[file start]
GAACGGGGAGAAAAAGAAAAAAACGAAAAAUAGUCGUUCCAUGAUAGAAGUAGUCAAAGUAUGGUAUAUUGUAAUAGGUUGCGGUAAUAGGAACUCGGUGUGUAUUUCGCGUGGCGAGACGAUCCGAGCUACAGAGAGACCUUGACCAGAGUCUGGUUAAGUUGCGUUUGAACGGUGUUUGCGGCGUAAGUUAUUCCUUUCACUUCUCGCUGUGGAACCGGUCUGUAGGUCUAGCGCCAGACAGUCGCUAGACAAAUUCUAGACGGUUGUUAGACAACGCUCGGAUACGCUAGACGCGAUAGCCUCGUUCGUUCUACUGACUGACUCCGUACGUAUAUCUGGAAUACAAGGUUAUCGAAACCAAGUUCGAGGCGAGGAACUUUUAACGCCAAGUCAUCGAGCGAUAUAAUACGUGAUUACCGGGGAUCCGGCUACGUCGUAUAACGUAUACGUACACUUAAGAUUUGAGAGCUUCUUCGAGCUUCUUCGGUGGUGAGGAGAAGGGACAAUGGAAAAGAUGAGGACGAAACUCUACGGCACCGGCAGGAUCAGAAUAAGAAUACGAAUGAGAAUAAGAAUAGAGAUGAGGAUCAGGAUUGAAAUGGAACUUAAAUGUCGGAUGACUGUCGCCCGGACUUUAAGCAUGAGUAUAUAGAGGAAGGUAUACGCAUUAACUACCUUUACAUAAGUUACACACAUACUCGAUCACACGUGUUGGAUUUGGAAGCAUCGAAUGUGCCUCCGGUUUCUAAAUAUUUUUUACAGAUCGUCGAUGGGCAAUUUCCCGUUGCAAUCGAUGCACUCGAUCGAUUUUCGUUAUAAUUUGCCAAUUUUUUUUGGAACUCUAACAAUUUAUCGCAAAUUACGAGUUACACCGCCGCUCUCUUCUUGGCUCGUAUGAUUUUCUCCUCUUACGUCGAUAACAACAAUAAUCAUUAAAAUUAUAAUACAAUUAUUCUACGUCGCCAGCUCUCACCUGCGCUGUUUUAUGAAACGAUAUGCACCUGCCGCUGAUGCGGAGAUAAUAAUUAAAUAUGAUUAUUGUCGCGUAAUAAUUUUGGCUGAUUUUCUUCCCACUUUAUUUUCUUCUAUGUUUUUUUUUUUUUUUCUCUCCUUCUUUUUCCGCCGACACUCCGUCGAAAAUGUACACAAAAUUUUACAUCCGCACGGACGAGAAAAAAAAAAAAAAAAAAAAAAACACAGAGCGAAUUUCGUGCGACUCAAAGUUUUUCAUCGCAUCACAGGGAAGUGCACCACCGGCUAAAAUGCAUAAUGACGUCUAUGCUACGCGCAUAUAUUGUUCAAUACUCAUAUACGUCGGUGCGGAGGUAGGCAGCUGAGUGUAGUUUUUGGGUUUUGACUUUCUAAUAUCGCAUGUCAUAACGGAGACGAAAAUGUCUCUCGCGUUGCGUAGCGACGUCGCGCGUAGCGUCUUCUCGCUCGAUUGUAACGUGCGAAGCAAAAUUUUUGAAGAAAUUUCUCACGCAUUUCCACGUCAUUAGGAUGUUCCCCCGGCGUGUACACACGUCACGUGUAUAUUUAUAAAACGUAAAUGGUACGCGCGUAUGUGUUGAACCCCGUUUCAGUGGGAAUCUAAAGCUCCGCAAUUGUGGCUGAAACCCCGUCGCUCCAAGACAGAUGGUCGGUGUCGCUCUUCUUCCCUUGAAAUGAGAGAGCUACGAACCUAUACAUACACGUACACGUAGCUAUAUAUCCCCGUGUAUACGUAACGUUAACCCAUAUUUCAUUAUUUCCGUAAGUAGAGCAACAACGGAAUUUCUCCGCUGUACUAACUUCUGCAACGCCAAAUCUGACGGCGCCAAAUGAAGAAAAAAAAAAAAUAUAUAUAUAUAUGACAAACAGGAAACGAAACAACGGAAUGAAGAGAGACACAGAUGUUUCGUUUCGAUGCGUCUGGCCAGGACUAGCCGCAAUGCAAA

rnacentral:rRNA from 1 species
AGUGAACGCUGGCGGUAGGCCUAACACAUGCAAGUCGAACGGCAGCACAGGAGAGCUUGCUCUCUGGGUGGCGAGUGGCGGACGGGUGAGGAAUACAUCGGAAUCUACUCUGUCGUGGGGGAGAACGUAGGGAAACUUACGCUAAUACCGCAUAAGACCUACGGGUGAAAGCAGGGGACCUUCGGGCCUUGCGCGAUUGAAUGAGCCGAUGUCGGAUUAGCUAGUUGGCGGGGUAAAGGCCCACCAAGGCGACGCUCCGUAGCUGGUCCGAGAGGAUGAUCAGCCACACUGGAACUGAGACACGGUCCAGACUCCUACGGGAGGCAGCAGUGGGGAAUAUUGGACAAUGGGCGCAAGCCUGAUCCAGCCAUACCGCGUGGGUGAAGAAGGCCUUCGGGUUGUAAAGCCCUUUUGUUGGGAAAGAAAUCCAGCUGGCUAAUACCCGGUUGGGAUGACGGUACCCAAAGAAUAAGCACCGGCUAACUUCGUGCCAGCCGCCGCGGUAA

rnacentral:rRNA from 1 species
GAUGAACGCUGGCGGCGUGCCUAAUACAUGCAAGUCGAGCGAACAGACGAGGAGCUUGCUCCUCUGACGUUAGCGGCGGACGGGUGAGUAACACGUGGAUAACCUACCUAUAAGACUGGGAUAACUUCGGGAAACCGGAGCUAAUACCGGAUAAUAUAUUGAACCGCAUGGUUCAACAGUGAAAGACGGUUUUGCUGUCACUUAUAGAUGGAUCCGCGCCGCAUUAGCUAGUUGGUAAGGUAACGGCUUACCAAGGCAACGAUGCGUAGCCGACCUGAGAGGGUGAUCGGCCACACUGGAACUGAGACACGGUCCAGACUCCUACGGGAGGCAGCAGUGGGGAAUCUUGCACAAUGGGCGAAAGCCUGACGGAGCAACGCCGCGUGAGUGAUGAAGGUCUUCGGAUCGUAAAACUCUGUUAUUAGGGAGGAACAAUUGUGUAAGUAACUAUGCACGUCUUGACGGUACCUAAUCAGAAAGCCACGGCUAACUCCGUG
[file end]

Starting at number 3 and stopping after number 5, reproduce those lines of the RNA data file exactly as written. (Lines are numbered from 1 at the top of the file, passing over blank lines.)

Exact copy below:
AGUGAACGCUGGCGGUAGGCCUAACACAUGCAAGUCGAACGGCAGCACAGGAGAGCUUGCUCUCUGGGUGGCGAGUGGCGGACGGGUGAGGAAUACAUCGGAAUCUACUCUGUCGUGGGGGAGAACGUAGGGAAACUUACGCUAAUACCGCAUAAGACCUACGGGUGAAAGCAGGGGACCUUCGGGCCUUGCGCGAUUGAAUGAGCCGAUGUCGGAUUAGCUAGUUGGCGGGGUAAAGGCCCACCAAGGCGACGCUCCGUAGCUGGUCCGAGAGGAUGAUCAGCCACACUGGAACUGAGACACGGUCCAGACUCCUACGGGAGGCAGCAGUGGGGAAUAUUGGACAAUGGGCGCAAGCCUGAUCCAGCCAUACCGCGUGGGUGAAGAAGGCCUUCGGGUUGUAAAGCCCUUUUGUUGGGAAAGAAAUCCAGCUGGCUAAUACCCGGUUGGGAUGACGGUACCCAAAGAAUAAGCACCGGCUAACUUCGUGCCAGCCGCCGCGGUAA

rnacentral:rRNA from 1 species
GAUGAACGCUGGCGGCGUGCCUAAUACAUGCAAGUCGAGCGAACAGACGAGGAGCUUGCUCCUCUGACGUUAGCGGCGGACGGGUGAGUAACACGUGGAUAACCUACCUAUAAGACUGGGAUAACUUCGGGAAACCGGAGCUAAUACCGGAUAAUAUAUUGAACCGCAUGGUUCAACAGUGAAAGACGGUUUUGCUGUCACUUAUAGAUGGAUCCGCGCCGCAUUAGCUAGUUGGUAAGGUAACGGCUUACCAAGGCAACGAUGCGUAGCCGACCUGAGAGGGUGAUCGGCCACACUGGAACUGAGACACGGUCCAGACUCCUACGGGAGGCAGCAGUGGGGAAUCUUGCACAAUGGGCGAAAGCCUGACGGAGCAACGCCGCGUGAGUGAUGAAGGUCUUCGGAUCGUAAAACUCUGUUAUUAGGGAGGAACAAUUGUGUAAGUAACUAUGCACGUCUUGACGGUACCUAAUCAGAAAGCCACGGCUAACUCCGUG